Being a Dad looks good from the outside, but when you get down to it, it is a 24/7 job that consumes you for the rest of your life. And the weight of that when you think about it, is a bit unnerving, but its ok.
Really it is.
What we as Dad’s have to realize is there’s no manual for children, whether born to you, adapted or step-child. All are different and all need to be reared based on their individual needs and character.
Side Bar…No child is the same nor do they grow and mature at the same levels. It is very important with each child that you not try to rear children the same. Trust me it doesn’t work.
Is that difficult yes? Can it be done? Absolutely!
When I married, I did so to what we used to call an “instant family”. My new bride had a 5 year old from a previous marriage. So the feedings, changing diapers and all that was not something I had to deal with. So I didn’t have the initial panic…until Joseph came into our lives two days after he was born. So what I missed in the first five years of my daughter’s life I experienced with my son. But I also went into panic mode when I found myself having to discipline another man’s child. We’ll discuss that later.
So don’t panic.
You will make mistakes
Mistakes that will hurt you and your child, but over the child’s life, if you parent to the best of your ability, love, care, protect, and instruct them for their betterment the mistakes will be outweighed by what you have given.
Don’t’ take it personal
Again, my view comes from a step dad’s perspective and as a father, or father figure to another man’s child. There may come an instance that you may deem personal. Trust me it really isn’t you…It’s just circumstance.
I will never forget when I first heard my daughter call me by my first name. I was livid! The nerve of this girl disrespecting me like that. It took my wife a while to calm me down but she explained that Briana’s natural father didn’t like her calling me dad in his presence. After I thought about that, I came to the conclusion I probably would have done the exact same thing. I couldn’t blame Briana, nor her dad. It was just a case of circumstance that we were all a part of.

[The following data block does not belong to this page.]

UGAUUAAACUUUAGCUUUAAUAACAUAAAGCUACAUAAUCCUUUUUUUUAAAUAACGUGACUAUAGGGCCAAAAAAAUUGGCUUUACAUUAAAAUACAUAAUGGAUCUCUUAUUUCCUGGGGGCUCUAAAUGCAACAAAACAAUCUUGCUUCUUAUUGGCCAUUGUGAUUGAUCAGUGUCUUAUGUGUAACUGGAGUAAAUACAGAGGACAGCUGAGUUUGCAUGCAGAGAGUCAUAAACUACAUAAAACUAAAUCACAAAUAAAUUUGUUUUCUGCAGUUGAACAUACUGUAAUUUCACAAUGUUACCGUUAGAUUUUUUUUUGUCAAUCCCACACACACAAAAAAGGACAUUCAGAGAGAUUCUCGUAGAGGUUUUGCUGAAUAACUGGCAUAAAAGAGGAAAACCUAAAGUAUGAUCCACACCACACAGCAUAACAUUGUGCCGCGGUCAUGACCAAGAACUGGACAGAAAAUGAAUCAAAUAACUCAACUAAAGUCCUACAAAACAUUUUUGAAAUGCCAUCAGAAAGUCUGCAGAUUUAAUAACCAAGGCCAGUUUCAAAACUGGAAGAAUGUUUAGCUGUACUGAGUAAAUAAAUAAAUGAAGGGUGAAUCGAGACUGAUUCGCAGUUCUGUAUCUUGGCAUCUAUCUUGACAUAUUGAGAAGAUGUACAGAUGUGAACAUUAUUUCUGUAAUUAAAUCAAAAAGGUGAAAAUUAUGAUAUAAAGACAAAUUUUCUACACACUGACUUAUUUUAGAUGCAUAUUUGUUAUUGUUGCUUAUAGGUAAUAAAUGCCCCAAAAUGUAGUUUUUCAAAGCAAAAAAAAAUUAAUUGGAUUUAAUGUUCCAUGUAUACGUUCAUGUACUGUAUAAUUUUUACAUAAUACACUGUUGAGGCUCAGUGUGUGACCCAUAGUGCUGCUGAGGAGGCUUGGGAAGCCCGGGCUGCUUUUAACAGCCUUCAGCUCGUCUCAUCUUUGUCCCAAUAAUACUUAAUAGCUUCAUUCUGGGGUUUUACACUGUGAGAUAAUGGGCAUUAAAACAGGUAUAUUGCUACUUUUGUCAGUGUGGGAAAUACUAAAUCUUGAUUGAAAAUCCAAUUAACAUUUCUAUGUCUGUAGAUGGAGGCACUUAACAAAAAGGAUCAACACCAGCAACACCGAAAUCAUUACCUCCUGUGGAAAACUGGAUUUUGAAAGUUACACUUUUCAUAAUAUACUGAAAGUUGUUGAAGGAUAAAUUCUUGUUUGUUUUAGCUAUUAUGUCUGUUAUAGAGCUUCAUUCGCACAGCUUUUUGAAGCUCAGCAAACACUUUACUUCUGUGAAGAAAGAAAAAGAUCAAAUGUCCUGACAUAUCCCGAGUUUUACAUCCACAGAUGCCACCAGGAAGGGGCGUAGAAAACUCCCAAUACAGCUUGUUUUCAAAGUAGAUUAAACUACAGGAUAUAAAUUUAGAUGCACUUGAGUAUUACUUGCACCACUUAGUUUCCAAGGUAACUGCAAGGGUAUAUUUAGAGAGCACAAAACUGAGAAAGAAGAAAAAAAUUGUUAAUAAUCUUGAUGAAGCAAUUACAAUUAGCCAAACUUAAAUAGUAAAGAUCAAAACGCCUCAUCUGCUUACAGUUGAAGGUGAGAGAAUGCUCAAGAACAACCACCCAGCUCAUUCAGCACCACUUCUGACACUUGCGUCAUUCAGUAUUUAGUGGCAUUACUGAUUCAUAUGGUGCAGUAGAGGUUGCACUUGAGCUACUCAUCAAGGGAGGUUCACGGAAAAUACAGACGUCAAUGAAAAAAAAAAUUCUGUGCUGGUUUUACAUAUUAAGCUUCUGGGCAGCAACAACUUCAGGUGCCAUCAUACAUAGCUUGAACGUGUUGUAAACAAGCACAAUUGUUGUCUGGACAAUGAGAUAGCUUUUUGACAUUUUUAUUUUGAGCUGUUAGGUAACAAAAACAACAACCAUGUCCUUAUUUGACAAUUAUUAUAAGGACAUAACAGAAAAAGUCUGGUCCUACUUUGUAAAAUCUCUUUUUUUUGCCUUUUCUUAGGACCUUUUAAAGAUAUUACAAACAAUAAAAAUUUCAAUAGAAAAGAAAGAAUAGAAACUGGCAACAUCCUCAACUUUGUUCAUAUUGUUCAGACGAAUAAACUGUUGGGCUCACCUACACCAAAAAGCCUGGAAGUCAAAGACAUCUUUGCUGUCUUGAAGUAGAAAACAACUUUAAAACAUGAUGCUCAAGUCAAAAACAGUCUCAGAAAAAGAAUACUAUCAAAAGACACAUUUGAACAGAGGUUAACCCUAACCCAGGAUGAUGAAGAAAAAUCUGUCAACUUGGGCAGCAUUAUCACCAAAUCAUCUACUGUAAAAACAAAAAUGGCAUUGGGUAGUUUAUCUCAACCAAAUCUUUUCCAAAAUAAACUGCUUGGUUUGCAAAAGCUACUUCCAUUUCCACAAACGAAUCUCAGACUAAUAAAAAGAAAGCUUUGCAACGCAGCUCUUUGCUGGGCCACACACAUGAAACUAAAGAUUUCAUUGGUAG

I have seen this happen but I can’t say this was part of my reality, but sometimes children will pit parents against each other as well as two sets of parents. That’s just a part of childhood I’ve seen. Again not personal.
Also realize that if you marry with children it’s the wife that chooses you…not the ex-husband/ex-boyfriend/baby daddy. They don’t have to like you or agree with you, but if both of you have the common interest of the child that will be the string that keeps the calm and helps the growth of the child.
Don’t try to hard
Trying too hard to make your step or adoptive child love you can backfire in the worse way. Ultimately you can lose respect from them or be manipulated by that child. Wearing kid gloves in the relationship will not help it grow. If you are appeasing or favoring the child your future relationship can be built on fragile ground. Believe me the time will come when you have to be parent and not friend. If you’re the parent from the beginning, the relationship will be as it should. The first…and only time…I didn’t spare the rod to spoil the child, I felt like the world was ending. I knew it had to be done, but I thought the relationship I wanted to have with my daughter would never be. Now did I raise my voice to her after that time or punish her… sure, but it took a while and in the interim my wife was the deliverer of punishment. I have to say my wife was right when she would always tell me to let her be the “bad guy” when it comes to punishment. When Theresa and I married Briana was five years old. I was around her since she was a newborn, but not daily until her mother and I married. It’s difficult to jump in and be “Daddy Punisher”. It’s something that I had to learn to ease into. Now Joseph is a different story. Theresa and I have been involved in his life since he was two days old. So his experience has been his mother and Theresa and I.